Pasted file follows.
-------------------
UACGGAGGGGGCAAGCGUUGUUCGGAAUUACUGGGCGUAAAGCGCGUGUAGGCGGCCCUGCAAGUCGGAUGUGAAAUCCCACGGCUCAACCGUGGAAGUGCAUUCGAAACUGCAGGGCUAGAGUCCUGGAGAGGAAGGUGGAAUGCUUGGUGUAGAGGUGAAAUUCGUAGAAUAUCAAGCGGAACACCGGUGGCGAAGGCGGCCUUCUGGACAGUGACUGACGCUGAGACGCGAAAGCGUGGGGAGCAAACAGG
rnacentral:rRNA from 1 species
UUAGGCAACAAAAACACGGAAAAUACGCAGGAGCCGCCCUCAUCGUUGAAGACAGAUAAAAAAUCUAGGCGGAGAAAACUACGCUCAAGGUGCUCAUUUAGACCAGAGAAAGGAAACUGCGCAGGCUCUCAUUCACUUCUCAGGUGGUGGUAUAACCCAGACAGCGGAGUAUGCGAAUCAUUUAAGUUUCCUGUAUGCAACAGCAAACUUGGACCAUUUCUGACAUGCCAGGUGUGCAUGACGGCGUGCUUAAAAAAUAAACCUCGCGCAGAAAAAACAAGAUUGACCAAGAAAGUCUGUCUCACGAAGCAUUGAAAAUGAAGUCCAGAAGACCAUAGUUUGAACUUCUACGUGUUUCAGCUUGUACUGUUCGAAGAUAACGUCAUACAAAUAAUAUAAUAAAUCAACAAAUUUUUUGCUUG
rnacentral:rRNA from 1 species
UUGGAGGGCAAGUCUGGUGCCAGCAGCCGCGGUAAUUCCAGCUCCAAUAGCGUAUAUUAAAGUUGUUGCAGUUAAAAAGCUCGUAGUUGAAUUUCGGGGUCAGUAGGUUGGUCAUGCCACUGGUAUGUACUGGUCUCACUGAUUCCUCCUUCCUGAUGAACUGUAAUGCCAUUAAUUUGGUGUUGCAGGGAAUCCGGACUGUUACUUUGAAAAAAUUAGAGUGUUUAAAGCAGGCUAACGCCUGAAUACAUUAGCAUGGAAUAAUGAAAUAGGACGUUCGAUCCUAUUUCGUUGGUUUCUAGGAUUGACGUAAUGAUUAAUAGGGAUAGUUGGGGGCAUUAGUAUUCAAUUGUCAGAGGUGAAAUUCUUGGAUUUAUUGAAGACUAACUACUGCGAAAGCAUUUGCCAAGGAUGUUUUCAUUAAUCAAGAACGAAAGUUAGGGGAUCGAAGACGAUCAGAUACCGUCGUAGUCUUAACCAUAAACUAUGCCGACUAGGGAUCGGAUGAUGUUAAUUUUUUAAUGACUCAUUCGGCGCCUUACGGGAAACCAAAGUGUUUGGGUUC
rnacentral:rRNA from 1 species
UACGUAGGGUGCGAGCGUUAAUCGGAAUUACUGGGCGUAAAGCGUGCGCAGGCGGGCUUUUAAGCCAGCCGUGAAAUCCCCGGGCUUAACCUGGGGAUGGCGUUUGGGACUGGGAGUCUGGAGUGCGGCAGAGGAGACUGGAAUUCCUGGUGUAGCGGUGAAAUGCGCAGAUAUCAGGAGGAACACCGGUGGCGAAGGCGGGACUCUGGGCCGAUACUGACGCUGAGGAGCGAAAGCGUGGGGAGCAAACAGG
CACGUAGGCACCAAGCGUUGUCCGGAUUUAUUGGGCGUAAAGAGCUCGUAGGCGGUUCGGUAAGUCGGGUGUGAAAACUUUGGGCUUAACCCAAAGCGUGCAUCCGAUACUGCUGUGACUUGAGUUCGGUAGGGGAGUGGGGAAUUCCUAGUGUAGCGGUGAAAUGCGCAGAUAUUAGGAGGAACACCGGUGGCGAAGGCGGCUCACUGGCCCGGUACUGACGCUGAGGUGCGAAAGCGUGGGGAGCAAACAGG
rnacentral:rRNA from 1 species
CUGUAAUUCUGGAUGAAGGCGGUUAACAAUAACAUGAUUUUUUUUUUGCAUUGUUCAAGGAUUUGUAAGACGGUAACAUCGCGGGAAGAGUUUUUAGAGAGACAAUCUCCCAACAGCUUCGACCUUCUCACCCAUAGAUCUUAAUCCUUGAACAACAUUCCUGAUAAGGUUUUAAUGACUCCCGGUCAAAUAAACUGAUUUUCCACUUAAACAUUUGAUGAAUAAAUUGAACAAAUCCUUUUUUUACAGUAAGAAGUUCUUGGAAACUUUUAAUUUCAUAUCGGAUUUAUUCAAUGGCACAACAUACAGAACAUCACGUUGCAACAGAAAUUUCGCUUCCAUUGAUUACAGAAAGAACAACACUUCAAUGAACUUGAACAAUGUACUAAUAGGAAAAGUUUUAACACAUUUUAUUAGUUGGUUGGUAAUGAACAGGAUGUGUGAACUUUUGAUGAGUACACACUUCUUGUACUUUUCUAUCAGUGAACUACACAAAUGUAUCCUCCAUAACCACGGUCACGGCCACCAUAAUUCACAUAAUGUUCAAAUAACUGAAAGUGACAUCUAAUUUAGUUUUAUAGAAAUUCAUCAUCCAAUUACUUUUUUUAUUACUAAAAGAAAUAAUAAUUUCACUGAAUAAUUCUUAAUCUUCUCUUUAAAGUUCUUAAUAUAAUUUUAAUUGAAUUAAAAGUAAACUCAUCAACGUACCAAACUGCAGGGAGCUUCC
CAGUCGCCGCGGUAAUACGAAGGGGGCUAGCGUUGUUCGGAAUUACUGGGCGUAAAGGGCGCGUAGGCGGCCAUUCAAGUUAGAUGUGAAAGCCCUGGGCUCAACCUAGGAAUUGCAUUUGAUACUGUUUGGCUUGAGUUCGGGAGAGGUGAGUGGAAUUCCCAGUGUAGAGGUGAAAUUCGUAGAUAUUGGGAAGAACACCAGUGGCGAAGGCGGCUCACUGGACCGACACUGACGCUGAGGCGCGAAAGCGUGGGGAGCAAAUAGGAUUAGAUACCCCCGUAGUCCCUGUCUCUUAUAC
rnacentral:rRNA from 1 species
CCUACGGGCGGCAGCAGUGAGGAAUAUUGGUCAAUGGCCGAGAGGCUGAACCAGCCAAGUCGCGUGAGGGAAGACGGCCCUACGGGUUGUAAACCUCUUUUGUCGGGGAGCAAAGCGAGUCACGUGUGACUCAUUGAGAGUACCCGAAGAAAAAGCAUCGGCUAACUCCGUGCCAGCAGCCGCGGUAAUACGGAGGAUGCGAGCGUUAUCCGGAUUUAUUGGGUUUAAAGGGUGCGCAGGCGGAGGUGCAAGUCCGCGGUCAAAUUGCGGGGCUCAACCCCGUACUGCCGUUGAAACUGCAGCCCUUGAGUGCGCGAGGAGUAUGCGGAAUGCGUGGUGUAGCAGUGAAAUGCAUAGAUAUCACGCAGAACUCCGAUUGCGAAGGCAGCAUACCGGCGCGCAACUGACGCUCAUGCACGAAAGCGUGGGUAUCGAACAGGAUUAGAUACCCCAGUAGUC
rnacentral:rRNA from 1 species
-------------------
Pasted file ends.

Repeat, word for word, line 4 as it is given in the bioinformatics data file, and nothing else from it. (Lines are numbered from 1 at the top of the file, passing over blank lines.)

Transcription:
rnacentral:rRNA from 1 species